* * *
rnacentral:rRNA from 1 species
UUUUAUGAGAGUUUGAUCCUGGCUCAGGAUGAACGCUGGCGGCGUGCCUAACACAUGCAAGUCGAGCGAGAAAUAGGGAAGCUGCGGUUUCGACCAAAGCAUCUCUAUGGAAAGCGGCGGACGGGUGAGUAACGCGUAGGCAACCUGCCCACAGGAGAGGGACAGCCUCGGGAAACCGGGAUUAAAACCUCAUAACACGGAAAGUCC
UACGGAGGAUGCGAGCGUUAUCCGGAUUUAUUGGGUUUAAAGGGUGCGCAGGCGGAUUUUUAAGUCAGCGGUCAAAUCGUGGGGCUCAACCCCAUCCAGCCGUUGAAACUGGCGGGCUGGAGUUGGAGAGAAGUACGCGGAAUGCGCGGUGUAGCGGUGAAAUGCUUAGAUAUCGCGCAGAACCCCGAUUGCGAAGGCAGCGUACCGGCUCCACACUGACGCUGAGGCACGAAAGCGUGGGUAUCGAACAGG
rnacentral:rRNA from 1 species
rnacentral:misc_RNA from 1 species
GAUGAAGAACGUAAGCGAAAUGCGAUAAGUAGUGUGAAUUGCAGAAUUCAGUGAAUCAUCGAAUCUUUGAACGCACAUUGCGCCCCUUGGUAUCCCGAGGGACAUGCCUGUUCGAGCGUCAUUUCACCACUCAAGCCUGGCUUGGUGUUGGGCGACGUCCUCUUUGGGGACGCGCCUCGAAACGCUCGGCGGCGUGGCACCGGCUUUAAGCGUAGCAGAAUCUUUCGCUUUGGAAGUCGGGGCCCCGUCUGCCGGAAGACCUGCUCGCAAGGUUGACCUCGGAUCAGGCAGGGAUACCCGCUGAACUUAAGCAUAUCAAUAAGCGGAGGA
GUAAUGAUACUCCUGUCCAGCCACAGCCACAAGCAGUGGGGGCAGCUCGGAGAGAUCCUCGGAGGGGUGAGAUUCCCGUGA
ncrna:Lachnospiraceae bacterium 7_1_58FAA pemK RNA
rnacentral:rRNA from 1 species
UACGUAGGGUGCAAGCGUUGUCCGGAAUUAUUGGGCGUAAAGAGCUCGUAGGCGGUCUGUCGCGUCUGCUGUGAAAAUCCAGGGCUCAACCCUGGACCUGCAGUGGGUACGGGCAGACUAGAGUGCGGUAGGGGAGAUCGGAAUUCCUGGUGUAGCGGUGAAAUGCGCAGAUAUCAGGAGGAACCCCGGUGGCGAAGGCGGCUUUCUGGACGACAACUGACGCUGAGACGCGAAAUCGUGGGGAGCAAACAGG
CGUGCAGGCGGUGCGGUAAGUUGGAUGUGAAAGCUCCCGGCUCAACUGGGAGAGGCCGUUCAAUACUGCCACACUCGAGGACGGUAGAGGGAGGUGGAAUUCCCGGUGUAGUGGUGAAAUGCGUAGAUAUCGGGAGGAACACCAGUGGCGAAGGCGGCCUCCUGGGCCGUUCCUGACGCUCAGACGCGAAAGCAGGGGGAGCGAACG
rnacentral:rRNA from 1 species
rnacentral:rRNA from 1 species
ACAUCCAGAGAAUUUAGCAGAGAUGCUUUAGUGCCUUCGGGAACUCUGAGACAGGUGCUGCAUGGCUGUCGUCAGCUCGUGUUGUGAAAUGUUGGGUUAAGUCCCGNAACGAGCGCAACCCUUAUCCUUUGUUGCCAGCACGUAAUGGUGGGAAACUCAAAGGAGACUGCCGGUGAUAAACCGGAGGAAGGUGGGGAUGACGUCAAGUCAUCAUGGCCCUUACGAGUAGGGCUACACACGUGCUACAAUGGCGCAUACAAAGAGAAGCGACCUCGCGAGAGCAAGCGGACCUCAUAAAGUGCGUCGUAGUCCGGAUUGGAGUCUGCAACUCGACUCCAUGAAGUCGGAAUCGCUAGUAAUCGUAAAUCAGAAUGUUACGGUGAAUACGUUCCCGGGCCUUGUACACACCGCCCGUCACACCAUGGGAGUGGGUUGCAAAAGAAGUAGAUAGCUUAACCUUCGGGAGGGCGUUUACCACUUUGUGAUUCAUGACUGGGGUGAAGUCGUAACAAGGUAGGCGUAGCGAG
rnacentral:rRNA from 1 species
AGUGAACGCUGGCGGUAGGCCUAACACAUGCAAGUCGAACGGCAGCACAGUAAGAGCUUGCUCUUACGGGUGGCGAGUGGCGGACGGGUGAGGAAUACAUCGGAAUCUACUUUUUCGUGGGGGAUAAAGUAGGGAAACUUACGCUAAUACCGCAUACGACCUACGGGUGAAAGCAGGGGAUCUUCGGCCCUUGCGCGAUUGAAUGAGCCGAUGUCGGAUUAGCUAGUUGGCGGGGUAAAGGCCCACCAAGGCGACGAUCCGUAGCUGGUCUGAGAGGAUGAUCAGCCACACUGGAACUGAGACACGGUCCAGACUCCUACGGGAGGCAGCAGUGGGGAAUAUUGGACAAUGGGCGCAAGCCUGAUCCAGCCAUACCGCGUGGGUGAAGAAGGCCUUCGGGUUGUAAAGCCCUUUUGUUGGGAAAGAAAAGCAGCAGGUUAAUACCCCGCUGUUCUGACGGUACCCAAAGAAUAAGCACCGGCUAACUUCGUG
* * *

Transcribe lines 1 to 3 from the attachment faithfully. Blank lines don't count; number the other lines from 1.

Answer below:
rnacentral:rRNA from 1 species
UUUUAUGAGAGUUUGAUCCUGGCUCAGGAUGAACGCUGGCGGCGUGCCUAACACAUGCAAGUCGAGCGAGAAAUAGGGAAGCUGCGGUUUCGACCAAAGCAUCUCUAUGGAAAGCGGCGGACGGGUGAGUAACGCGUAGGCAACCUGCCCACAGGAGAGGGACAGCCUCGGGAAACCGGGAUUAAAACCUCAUAACACGGAAAGUCC
UACGGAGGAUGCGAGCGUUAUCCGGAUUUAUUGGGUUUAAAGGGUGCGCAGGCGGAUUUUUAAGUCAGCGGUCAAAUCGUGGGGCUCAACCCCAUCCAGCCGUUGAAACUGGCGGGCUGGAGUUGGAGAGAAGUACGCGGAAUGCGCGGUGUAGCGGUGAAAUGCUUAGAUAUCGCGCAGAACCCCGAUUGCGAAGGCAGCGUACCGGCUCCACACUGACGCUGAGGCACGAAAGCGUGGGUAUCGAACAGG